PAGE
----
Heat pump icing up

Hello. I have a 12 year old Bryant heat pump (3 ton 661A model) that gets covered with ice a few times during the winter. It's done it twice so far this winter. It obviously has something to do with the unit not defrosting properly, but the HVAC guy I've had out to check it out (several times) always shows up just after I've defrosted it (by just letting it thaw out). Since it's not iced up while he's there, he says he can't check out the defrost control board(?) or other things that could be bad and causing the problem.
I've read a couple of web posts describing this same model heat pump, and the person said he replaced the defrost control board, which fixed his problem. He also mentioned the reversing valve, but ended up not needing to replace that. Are these parts things a tech should be able to swap in and out easily? Or are they expensive?
I do notice this unit making a clicking sound (rhythmically, every second or two) every once in a while. But usually it sounds pretty normal. Could the clicking be related to the defrosting/reversing thing?
Since the heat pump is 12 years old, could it be close to the end of its useful life? It'd be a shame, since it seems to do a good job of heating 95% of the time; it's just the iced-up times that make me need the aux heat for a day or two to defrost it. Any advice? Thanks.
F
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wrote:

Stop defrosting the thing manually and let the guy see it for himself. Then he can tell you, "Hey, I cant work on this. Its full of ice". Id rather it not have ice on it when I come. Otherwise, I have to charge you $75 per 1/2hr to thaw it out. I let my customers know that BEFORE I show up. The board CAN be checked out. So can the defrost sensor which Id recommend changing if you change the board. Yes other things can cause it. Bad board Bad sensor Stuck/Sticking reversing valve Incorrect refrigerant charge Outdoor fan not running. Outdoor fan running backwards Bad capacitor Blah, Blah, Blah and on and on. Is it expensive? Thats relative. Whats expensive to you? Are you getting the part at wholesale and fixing it yourself or are you calling a professional out to fix it? I dont know about the clicking. Maybe you could hum a few tunes for me. 12 yrs is not young for a heat pump. Especially that Bryant 661. 8-12 yrs is a general age for heat pumps but Ive certainly seen some GE's out there that are over 25 yrs old. Ive also seen some Bryant crap barely make the 5-6 yr mark before crapping out. Get and estimate and fix it or replace it. Bubba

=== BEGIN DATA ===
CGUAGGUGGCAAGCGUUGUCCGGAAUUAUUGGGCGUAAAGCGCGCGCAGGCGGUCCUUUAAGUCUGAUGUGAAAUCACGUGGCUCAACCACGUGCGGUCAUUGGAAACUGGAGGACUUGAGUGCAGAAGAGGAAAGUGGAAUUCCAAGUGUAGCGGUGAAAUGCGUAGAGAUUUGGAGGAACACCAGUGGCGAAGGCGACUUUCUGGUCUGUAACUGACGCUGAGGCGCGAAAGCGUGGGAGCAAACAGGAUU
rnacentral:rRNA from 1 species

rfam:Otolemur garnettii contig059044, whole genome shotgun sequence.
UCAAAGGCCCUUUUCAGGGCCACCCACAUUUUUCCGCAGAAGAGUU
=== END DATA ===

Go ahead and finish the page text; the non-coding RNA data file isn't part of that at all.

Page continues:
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Bubba-
Thanks; I get the message. I'll have it checked by another guy (or two). It certainly works well almost all the time though; hope it's not done.
F
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In a pinch you can force the condensor to defrost by putting the stat into cooling mode and setting the inside temp to about 40 degrees.....the ice should all melt off it in about ten minutes doing it that way. Cold air will blow out the registers while that is happening.
Or you can just shut it off and melt the ice by spraying lots of cold water on the coils with an outside garden hose, really no reason to 'wait 2 days' for it to defrost.......
Most defrost boards will have a jumper selector for timer......30 minutes 60 minutes and 90 minutes--suggest have a tech set it to 30 minutes for the time being.
--

SVL



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Hi PrecisionMachinisT, hope you are having a nice day
On 27-Jan-05 At About 07:56:28, PrecisionMachinisT wrote to PrecisionMachinisT Subject: Re: Heat pump icing up
P> In a pinch you can force the condensor to defrost by putting the stat P> into cooling mode and setting the inside temp to about 40 P> degrees.....the ice should all melt off it in about ten minutes doing P> it that way. Cold air will blow out the registers while that is P> happening.
This won't work due to the fact the outdoor motor will run. the only way to defrost it is to also stop the outdoor motor. This should not be attempted unless you know what you are doing.
-=> HvacTech2 <=-
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